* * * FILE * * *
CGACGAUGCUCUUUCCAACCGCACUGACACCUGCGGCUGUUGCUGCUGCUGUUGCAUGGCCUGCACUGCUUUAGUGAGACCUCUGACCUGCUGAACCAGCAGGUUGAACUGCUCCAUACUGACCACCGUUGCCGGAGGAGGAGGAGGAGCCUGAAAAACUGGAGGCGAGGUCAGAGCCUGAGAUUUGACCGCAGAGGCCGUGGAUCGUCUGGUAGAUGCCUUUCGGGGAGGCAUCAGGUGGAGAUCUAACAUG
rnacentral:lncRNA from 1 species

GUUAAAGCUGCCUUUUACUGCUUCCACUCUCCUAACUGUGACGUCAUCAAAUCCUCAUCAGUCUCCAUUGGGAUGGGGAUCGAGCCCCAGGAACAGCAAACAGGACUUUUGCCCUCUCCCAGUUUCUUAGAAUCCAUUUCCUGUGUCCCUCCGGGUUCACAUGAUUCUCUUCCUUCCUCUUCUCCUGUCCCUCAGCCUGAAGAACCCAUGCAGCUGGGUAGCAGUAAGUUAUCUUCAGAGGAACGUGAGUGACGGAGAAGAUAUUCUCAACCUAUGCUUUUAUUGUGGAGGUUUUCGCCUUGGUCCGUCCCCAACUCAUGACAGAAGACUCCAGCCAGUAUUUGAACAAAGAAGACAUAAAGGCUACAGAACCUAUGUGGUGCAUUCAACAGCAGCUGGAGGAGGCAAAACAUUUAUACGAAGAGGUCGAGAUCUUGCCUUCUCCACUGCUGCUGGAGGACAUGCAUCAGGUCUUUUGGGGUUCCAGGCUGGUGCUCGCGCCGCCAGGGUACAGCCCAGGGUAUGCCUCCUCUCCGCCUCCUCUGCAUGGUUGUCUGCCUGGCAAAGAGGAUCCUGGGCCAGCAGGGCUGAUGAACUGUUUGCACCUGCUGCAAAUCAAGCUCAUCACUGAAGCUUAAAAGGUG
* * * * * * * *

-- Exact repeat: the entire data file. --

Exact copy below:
CGACGAUGCUCUUUCCAACCGCACUGACACCUGCGGCUGUUGCUGCUGCUGUUGCAUGGCCUGCACUGCUUUAGUGAGACCUCUGACCUGCUGAACCAGCAGGUUGAACUGCUCCAUACUGACCACCGUUGCCGGAGGAGGAGGAGGAGCCUGAAAAACUGGAGGCGAGGUCAGAGCCUGAGAUUUGACCGCAGAGGCCGUGGAUCGUCUGGUAGAUGCCUUUCGGGGAGGCAUCAGGUGGAGAUCUAACAUG
rnacentral:lncRNA from 1 species

GUUAAAGCUGCCUUUUACUGCUUCCACUCUCCUAACUGUGACGUCAUCAAAUCCUCAUCAGUCUCCAUUGGGAUGGGGAUCGAGCCCCAGGAACAGCAAACAGGACUUUUGCCCUCUCCCAGUUUCUUAGAAUCCAUUUCCUGUGUCCCUCCGGGUUCACAUGAUUCUCUUCCUUCCUCUUCUCCUGUCCCUCAGCCUGAAGAACCCAUGCAGCUGGGUAGCAGUAAGUUAUCUUCAGAGGAACGUGAGUGACGGAGAAGAUAUUCUCAACCUAUGCUUUUAUUGUGGAGGUUUUCGCCUUGGUCCGUCCCCAACUCAUGACAGAAGACUCCAGCCAGUAUUUGAACAAAGAAGACAUAAAGGCUACAGAACCUAUGUGGUGCAUUCAACAGCAGCUGGAGGAGGCAAAACAUUUAUACGAAGAGGUCGAGAUCUUGCCUUCUCCACUGCUGCUGGAGGACAUGCAUCAGGUCUUUUGGGGUUCCAGGCUGGUGCUCGCGCCGCCAGGGUACAGCCCAGGGUAUGCCUCCUCUCCGCCUCCUCUGCAUGGUUGUCUGCCUGGCAAAGAGGAUCCUGGGCCAGCAGGGCUGAUGAACUGUUUGCACCUGCUGCAAAUCAAGCUCAUCACUGAAGCUUAAAAGGUG